The JU student’s post was also removed by Facebook, along with the 1000 shares: But, this time, the original post was re-published by the thousands who had taken screenshots, making her story go viral. What was truly laudable was that the entire community stood behind these women. While the Facebook posts were being deleted for not fitting Facebook’s “Community Guidelines,” there were students who were still sharing the message, letting the women know that they weren’t alone.
All this was possible because of that one voice that first broke the silence. As of now, the victims-all 13 of them, have come out and put up a joint statement against the accused, calling for immediate action. On July 28th, the accused was finally suspended by Jadavpur University. One can only hope that he is not let off the hook as easily but is suitably dealt with, given the severity of his crime.
Almost days after, on 25th July 2016, an ex-student of St. Xavier’s College, Mumbai, put up a post on Facebook detailing the ways in which she was continually sexually harassed by a Mumbai-based musician (also an ex-student of the college) with inappropriate and lewd messages. Soon after, a number of women commented on the post, sharing similar experiences. One even shared several screenshots which has further acted as vital proof against the culprit. However, the woman’s post was reported by the brother of the accused and taken down the very same day. Though she put up the post again, the testimonies of her friends, including the screenshots, have been lost. Yet again, Facebook took her post down. This time, she was also barred from publishing new posts or messaging anyone for the next twenty-four hours.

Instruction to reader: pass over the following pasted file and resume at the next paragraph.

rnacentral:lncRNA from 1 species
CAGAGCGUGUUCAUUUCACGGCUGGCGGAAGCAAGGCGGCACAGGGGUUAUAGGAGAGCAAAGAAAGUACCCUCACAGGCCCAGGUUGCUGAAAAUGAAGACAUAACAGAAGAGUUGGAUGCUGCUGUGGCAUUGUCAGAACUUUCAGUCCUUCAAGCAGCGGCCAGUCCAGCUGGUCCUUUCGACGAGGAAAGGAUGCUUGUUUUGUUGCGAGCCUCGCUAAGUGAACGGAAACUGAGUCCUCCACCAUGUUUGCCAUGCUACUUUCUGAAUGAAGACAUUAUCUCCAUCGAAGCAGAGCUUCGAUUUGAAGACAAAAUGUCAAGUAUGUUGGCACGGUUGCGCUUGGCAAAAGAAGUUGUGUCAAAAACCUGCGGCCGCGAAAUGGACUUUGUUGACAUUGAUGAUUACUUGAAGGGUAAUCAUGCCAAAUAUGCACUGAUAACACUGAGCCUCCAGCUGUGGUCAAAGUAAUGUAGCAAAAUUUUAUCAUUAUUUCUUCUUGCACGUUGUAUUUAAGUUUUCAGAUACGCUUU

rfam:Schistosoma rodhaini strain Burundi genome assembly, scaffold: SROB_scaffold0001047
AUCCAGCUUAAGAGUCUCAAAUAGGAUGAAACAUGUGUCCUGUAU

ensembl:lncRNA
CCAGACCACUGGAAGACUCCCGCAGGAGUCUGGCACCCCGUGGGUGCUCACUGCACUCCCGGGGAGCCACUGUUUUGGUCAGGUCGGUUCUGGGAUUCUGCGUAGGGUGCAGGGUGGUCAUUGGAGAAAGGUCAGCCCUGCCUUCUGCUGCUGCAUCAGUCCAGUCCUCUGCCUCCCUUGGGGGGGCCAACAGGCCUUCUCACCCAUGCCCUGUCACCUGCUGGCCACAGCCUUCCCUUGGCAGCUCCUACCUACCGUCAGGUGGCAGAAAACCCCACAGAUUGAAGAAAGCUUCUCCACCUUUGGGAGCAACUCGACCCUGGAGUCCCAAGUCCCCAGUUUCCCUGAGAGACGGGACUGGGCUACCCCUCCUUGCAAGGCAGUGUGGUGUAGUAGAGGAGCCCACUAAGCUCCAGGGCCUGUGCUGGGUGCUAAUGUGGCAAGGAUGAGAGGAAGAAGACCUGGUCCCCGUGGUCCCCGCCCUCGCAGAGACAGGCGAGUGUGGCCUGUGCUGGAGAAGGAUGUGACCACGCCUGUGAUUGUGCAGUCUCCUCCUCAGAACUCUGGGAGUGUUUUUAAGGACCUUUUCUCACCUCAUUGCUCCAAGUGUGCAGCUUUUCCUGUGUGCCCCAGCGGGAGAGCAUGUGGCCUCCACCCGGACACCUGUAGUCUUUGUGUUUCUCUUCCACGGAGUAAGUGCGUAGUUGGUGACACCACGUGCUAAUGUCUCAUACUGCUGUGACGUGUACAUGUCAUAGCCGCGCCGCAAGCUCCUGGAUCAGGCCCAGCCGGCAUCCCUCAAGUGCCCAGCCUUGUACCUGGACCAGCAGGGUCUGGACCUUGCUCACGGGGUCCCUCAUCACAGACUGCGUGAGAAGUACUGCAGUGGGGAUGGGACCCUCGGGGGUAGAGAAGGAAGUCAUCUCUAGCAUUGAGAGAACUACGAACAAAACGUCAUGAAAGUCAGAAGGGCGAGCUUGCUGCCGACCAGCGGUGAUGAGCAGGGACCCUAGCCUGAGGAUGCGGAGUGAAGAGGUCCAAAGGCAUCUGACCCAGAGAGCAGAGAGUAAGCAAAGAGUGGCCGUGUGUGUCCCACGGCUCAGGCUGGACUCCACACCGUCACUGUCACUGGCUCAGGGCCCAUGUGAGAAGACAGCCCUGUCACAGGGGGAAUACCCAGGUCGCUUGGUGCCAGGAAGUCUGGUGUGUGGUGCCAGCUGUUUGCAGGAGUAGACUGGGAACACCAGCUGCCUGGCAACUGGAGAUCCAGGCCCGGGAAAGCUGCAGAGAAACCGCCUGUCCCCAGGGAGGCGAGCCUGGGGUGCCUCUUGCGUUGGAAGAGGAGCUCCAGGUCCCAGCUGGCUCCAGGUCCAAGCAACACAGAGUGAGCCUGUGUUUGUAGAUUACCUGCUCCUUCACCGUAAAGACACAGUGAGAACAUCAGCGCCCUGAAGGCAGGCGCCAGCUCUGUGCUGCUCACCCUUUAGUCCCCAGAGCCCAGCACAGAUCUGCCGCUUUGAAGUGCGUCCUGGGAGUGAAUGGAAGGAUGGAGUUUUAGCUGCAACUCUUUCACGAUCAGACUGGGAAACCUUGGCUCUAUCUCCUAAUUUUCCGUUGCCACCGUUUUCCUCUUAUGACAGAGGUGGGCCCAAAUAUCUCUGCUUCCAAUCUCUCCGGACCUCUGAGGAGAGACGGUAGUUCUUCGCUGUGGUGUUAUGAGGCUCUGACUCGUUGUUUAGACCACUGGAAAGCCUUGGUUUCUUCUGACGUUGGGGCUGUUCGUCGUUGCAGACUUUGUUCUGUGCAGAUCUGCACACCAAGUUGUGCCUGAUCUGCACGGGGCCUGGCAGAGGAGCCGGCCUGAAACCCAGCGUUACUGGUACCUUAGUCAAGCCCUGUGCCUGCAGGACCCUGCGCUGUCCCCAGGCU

Since the original post was published, three other women have told her they have been harassed by the same man– they just didn’t have the courage to speak about it until now.
Both these cases highlight one thing -how misogynists rule over our university and college spaces. Nailing the culprits would have been next to impossible had these women desisted from speaking out especially when the perpetrators happen to be popular figures- one being a much admired debater and the son of a professor at that very university, and the other a well-known musician.
I’m glad to say that sometimes all it takes, is that quiet voice within you that says enough is enough’. It takes just one person to turn the tables! When one voice speaks up, it gives strength to thousands more who are facing similar, if not worse situations. One woman who speaks up, makes it that much easier for others to do the same. We can all hope that this will set an example to the many who have been silenced before.
[clickToTweet tweet=”Sometimes all it takes, is that quiet voice within you that says enough is enough. via @eshamdutta” quote=”Sometimes all it takes, is that quiet voice within you that says enough is enough.”]
Courage, they say, is never to let your actions be influenced by your fears.
What would you do if you were to be a witness to such incidents or if it happened to someone you know? If, for instance your life was at threat, would you still speak up and report the incident, and bring the guilty to book?
Do you have a positive and inspiring story that you would like to share with us today? It may be an old post, or one that you are inspired to write today or over the next few days.
Add your post to the linky below and read, comment on and share the posts of others. The linky will be open until our next #InspiringStories post is up (August 27).